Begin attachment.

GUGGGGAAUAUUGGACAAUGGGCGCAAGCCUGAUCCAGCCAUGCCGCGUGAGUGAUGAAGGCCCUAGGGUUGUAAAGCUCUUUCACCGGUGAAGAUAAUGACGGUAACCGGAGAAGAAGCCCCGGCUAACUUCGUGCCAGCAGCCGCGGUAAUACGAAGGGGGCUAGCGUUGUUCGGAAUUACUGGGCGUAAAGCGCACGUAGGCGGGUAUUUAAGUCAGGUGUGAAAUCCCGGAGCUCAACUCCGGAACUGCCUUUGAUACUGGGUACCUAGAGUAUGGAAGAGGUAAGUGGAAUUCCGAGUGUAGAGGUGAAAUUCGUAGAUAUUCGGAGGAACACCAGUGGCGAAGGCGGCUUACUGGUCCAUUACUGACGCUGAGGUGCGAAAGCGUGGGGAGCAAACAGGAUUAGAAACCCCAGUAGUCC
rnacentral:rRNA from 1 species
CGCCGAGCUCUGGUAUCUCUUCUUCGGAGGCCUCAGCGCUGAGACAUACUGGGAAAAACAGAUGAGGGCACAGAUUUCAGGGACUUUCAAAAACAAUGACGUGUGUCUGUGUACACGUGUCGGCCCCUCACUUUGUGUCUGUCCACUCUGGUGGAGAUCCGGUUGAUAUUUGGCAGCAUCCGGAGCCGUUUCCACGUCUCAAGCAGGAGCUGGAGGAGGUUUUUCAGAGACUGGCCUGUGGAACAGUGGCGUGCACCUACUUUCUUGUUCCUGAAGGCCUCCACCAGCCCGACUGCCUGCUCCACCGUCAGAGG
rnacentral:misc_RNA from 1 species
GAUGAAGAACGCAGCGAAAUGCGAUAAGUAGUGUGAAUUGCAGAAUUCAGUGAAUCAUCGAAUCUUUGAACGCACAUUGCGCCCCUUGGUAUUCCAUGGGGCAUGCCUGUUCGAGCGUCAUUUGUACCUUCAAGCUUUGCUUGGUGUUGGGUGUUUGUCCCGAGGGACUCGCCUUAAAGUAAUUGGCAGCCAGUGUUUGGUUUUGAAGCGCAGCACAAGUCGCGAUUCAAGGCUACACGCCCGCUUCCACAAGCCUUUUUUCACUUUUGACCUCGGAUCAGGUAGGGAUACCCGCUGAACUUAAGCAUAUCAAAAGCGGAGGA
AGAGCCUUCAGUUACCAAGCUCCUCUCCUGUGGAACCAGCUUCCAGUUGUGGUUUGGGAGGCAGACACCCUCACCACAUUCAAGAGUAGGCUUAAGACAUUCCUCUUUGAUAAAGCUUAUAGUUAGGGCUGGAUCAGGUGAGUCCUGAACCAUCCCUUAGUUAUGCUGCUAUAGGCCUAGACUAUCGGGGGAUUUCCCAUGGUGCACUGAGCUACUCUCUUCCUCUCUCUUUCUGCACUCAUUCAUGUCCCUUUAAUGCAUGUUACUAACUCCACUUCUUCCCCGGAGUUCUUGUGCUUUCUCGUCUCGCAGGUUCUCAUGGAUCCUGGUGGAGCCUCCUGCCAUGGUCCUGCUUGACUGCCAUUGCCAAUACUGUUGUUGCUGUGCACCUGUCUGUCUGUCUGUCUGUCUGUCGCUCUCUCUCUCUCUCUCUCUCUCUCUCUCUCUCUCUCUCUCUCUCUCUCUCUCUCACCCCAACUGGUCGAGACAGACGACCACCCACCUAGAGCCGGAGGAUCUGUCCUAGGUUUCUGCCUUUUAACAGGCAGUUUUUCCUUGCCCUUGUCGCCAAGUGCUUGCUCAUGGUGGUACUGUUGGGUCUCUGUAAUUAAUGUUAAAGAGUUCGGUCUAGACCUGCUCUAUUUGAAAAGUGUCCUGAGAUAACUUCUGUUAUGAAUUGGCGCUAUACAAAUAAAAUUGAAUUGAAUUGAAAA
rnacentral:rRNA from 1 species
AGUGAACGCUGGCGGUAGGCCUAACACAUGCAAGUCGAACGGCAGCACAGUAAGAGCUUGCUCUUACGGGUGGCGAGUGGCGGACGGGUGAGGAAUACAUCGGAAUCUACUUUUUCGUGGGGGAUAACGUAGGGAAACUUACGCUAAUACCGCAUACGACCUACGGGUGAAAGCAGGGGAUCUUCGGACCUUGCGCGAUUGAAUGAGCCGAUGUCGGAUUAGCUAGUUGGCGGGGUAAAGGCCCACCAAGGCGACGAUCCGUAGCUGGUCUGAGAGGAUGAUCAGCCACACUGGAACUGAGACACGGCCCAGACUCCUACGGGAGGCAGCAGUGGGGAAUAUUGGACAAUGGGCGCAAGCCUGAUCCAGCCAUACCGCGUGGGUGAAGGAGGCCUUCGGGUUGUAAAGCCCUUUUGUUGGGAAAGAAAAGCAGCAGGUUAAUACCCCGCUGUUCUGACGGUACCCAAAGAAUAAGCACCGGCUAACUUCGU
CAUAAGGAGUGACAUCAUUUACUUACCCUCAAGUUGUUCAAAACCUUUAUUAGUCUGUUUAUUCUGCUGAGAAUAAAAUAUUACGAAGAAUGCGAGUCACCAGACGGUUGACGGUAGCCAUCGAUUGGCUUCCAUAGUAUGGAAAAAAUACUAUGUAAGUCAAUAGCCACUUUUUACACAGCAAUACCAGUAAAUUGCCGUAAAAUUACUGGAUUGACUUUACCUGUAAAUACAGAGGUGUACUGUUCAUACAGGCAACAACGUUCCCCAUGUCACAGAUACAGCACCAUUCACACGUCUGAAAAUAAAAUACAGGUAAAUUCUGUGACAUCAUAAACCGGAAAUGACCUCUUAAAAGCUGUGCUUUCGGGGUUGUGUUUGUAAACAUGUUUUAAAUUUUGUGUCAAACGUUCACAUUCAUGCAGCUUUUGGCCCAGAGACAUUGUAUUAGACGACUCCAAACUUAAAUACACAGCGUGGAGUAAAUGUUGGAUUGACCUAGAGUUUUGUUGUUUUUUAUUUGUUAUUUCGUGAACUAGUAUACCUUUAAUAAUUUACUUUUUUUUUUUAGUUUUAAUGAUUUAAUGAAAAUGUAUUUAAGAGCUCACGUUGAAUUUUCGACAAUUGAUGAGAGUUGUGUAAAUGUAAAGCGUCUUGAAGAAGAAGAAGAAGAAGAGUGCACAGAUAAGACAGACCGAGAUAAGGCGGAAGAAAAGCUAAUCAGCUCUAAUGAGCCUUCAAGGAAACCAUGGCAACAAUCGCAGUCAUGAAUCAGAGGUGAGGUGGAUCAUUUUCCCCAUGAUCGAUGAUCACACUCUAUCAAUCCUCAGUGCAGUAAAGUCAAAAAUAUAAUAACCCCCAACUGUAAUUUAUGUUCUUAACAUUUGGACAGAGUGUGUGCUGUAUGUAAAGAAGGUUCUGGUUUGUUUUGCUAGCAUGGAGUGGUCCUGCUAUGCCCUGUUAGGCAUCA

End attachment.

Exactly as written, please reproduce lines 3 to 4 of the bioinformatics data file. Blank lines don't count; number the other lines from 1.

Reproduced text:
CGCCGAGCUCUGGUAUCUCUUCUUCGGAGGCCUCAGCGCUGAGACAUACUGGGAAAAACAGAUGAGGGCACAGAUUUCAGGGACUUUCAAAAACAAUGACGUGUGUCUGUGUACACGUGUCGGCCCCUCACUUUGUGUCUGUCCACUCUGGUGGAGAUCCGGUUGAUAUUUGGCAGCAUCCGGAGCCGUUUCCACGUCUCAAGCAGGAGCUGGAGGAGGUUUUUCAGAGACUGGCCUGUGGAACAGUGGCGUGCACCUACUUUCUUGUUCCUGAAGGCCUCCACCAGCCCGACUGCCUGCUCCACCGUCAGAGG
rnacentral:misc_RNA from 1 species